Tamale picnic lunch

That evening, we made our way to Zoola for dinner.  A hostel/restaurant, the space had a major “zen” vibe. All the dining tables were low and we sat on pillows while eating our burgers and pasta.  The major event of the evening however was when the giant paper lantern light fixture fell off overhead of the kids’ table.  James went to put it back on the bulb and the entire thing erupted into flames! We were yelling for the wait staff, but thankfully it burned out on its own except for the small space where the table caught fire (a douse of water solved that problem). We hightailed it out of there after paying our bill!

Dinner at Zoola, pre-fire

After a great night’s sleep, we had one more day on the lake, which we spent kayaking.  We paddled around the inlet taking in the sights of the locals bathing and washing clothes/dishes.  Unfortunately for our friend Lee and his daughter, their kayak hit a bit of a snag as it continued to take on water.  After paddling for an hour, the entire boat began to sink! They had to “abandon ship” and swam to shore.  Thankfully, everyone made it back safely and we all had a good laugh. We then spent the afternoon having a very leisurely lunch on “Guatemalan time” at the Clover Restaurant.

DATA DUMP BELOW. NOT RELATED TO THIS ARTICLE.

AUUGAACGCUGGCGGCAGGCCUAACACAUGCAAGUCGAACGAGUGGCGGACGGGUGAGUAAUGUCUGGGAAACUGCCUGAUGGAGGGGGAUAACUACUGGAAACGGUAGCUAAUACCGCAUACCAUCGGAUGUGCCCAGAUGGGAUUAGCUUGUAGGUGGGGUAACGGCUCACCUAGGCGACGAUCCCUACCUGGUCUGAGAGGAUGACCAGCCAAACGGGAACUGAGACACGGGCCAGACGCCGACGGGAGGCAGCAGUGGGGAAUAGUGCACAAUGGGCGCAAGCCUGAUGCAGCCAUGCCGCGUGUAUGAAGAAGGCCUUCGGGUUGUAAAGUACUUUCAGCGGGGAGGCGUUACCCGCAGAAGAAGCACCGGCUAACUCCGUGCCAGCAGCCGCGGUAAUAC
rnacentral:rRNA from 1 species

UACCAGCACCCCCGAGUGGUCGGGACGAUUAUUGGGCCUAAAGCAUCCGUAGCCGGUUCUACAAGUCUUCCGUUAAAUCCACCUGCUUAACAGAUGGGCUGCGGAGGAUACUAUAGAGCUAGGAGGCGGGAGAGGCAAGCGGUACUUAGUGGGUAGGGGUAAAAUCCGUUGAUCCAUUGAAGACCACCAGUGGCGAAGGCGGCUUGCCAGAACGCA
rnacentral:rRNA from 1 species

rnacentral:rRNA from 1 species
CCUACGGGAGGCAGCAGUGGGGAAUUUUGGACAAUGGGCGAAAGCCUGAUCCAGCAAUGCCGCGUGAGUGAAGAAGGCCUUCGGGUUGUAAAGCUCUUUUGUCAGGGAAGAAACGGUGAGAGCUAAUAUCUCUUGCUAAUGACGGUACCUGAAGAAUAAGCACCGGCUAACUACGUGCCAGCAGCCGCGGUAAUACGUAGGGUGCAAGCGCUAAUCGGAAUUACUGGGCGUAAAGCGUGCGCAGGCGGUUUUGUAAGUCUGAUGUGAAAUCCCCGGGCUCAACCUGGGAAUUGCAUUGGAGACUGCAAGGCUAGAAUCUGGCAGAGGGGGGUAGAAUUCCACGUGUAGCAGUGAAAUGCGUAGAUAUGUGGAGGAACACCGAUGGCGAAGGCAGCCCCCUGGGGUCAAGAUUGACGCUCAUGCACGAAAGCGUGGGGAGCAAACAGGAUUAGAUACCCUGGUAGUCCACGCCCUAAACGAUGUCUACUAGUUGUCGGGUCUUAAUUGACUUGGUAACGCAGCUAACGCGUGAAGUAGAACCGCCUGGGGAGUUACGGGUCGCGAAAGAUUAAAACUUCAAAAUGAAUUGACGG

The kids wait for their parents, the hombres await their lunch

Our friends, the Gregorys, continued on at Lake Atitlan for another couple of days but we boarded a public boat back on Sunday to Panajachel to meet our Uber driver.  It was a rough ride across the lake this time with two to three feet seas that felt more like six on a small wooden boat on a lake! Nonetheless, we made it across safely and celebrated with mango popsicles before our three-hour car ride home.